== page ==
A comparison of differences between the six 2-hour nighttime intervals was conducted for sound, light, and temperature (Table 2). Sound levels were significantly greater during the first 2 time intervals (7:00 to 8:59 PM [P < .01] and 9:00 to 10:59 PM [P < .01]) compared with the sixth time interval (5:00 to 6:59 AM). Significant differences were not identified between the third (P = .34), fourth (P = .78), and fifth (P = .92) time intervals as compared with the sixth. These findings indicate that sound levels were significantly greater during the first 4 hours of the 12-hour night shift compared with the remaining 8 hours and that sound levels between 11:00 PM and 6:59 AM were similar.

It is important to note that these statistical differences also represent clinically significant differences between time intervals during the night. The difference of 7.25 dB between the first and sixth time intervals indicates a sound level that is more than 4× more powerful between 7:00 and 8:59 PM than at 5:00 and 6:59 AM. The difference of nearly 4 dB between the second and sixth time intervals indicates a sound intensity level between 9:00 and 10:59 PM that was more than twice as powerful as that between 5:00 and 6:59 AM. Although sound levels did decrease through the night shift, mean sound levels between 5:00 and 6:59 AM (47.4 dB) were more than 10 dB above the recommended level for healthy sleep.

Light A significant main effect for time of night was observed (F = 12.43, P < .01), indicating that light levels were significantly different across 2-hour time intervals. Mean light levels during each 12-hour night shift did not vary based on study night (F = 1.21, P = .31). However, a significant study night by 2-hour time interval effect was observed (F = 4.18, P < .01), suggesting that the interaction of the given study night and time of night influenced light levels.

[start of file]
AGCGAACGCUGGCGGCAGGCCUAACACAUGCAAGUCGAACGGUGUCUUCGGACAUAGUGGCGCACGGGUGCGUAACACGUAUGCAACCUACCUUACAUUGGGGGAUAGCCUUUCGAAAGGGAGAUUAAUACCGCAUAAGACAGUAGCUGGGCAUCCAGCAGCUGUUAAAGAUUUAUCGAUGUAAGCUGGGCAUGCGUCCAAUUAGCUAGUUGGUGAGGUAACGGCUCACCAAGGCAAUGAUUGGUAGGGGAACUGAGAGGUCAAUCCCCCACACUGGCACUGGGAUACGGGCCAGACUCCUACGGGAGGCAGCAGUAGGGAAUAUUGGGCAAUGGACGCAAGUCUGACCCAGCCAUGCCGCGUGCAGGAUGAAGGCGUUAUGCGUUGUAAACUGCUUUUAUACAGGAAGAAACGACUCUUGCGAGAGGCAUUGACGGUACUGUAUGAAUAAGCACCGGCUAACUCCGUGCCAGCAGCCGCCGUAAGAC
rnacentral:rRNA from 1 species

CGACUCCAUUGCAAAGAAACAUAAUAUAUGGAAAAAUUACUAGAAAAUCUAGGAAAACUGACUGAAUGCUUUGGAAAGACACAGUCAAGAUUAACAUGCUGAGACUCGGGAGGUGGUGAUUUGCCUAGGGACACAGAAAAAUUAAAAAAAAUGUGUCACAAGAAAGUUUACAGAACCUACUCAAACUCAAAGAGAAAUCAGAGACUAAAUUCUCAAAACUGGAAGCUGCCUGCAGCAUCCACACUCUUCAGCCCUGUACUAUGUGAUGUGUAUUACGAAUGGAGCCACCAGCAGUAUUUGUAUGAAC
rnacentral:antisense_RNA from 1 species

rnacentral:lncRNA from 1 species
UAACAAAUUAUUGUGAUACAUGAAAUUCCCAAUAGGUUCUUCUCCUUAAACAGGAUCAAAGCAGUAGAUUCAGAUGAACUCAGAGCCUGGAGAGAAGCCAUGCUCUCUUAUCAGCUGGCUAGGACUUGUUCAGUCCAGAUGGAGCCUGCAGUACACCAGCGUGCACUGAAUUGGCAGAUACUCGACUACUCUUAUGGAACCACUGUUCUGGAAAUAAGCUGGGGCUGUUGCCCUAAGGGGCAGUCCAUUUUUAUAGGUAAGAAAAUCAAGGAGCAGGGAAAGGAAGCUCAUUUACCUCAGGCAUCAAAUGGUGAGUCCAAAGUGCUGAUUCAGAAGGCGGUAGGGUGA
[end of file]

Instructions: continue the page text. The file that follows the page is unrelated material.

Differences in light levels between the six 2-hour time intervals were analyzed (Table 3). Comparisons identified significant differences between the second time interval (9:00 to 10:59 PM) (P = .03) compared with the sixth (5:00 to 6:59 AM). These findings indicate that light levels were significantly greater between 9:00 and 10:59 PM compared with the remaining hours of the night shift. Significant differences in light intensity were not identified between other 2-hour time intervals compared with the sixth.

Although mean light levels were greatest during the initial two 2-hour time intervals of the night, overall levels were low relative to light levels that are necessary for reading or close work. Light levels were at their lowest between 11:00 PM and 6:59 AM, providing an appropriate sleep environment. Low variability in light levels through the night also suggests that nursing staff were able to complete required patient care activities without causing disruptive increases in light levels.

Temperature A significant main effect for time of night was not observed (F = 1.61, P = .16), indicating that temperature was not significantly different across the six 2-hour time intervals during the night. Mean temperature during each 12-hour night shift did not vary based on study night (F = 0.03, P = .97).